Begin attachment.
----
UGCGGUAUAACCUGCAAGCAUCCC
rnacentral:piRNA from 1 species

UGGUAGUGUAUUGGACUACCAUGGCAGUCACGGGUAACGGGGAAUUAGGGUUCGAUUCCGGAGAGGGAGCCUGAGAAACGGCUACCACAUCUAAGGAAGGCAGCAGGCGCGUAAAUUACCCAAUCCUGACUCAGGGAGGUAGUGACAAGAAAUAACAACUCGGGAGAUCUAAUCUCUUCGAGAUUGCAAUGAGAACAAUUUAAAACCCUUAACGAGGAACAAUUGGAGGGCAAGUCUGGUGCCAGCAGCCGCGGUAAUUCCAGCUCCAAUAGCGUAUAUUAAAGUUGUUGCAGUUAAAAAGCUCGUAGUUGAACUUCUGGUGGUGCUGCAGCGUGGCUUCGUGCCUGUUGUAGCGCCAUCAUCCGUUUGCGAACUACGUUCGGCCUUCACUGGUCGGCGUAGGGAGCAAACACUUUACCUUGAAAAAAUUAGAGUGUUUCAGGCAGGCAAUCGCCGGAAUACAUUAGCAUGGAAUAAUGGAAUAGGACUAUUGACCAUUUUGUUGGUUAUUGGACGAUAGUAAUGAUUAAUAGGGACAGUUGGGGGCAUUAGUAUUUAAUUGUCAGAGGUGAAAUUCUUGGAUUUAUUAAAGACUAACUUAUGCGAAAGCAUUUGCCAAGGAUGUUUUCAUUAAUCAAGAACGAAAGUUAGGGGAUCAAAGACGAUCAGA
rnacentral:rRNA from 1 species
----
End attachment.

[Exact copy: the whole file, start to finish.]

UGCGGUAUAACCUGCAAGCAUCCC
rnacentral:piRNA from 1 species

UGGUAGUGUAUUGGACUACCAUGGCAGUCACGGGUAACGGGGAAUUAGGGUUCGAUUCCGGAGAGGGAGCCUGAGAAACGGCUACCACAUCUAAGGAAGGCAGCAGGCGCGUAAAUUACCCAAUCCUGACUCAGGGAGGUAGUGACAAGAAAUAACAACUCGGGAGAUCUAAUCUCUUCGAGAUUGCAAUGAGAACAAUUUAAAACCCUUAACGAGGAACAAUUGGAGGGCAAGUCUGGUGCCAGCAGCCGCGGUAAUUCCAGCUCCAAUAGCGUAUAUUAAAGUUGUUGCAGUUAAAAAGCUCGUAGUUGAACUUCUGGUGGUGCUGCAGCGUGGCUUCGUGCCUGUUGUAGCGCCAUCAUCCGUUUGCGAACUACGUUCGGCCUUCACUGGUCGGCGUAGGGAGCAAACACUUUACCUUGAAAAAAUUAGAGUGUUUCAGGCAGGCAAUCGCCGGAAUACAUUAGCAUGGAAUAAUGGAAUAGGACUAUUGACCAUUUUGUUGGUUAUUGGACGAUAGUAAUGAUUAAUAGGGACAGUUGGGGGCAUUAGUAUUUAAUUGUCAGAGGUGAAAUUCUUGGAUUUAUUAAAGACUAACUUAUGCGAAAGCAUUUGCCAAGGAUGUUUUCAUUAAUCAAGAACGAAAGUUAGGGGAUCAAAGACGAUCAGA
rnacentral:rRNA from 1 species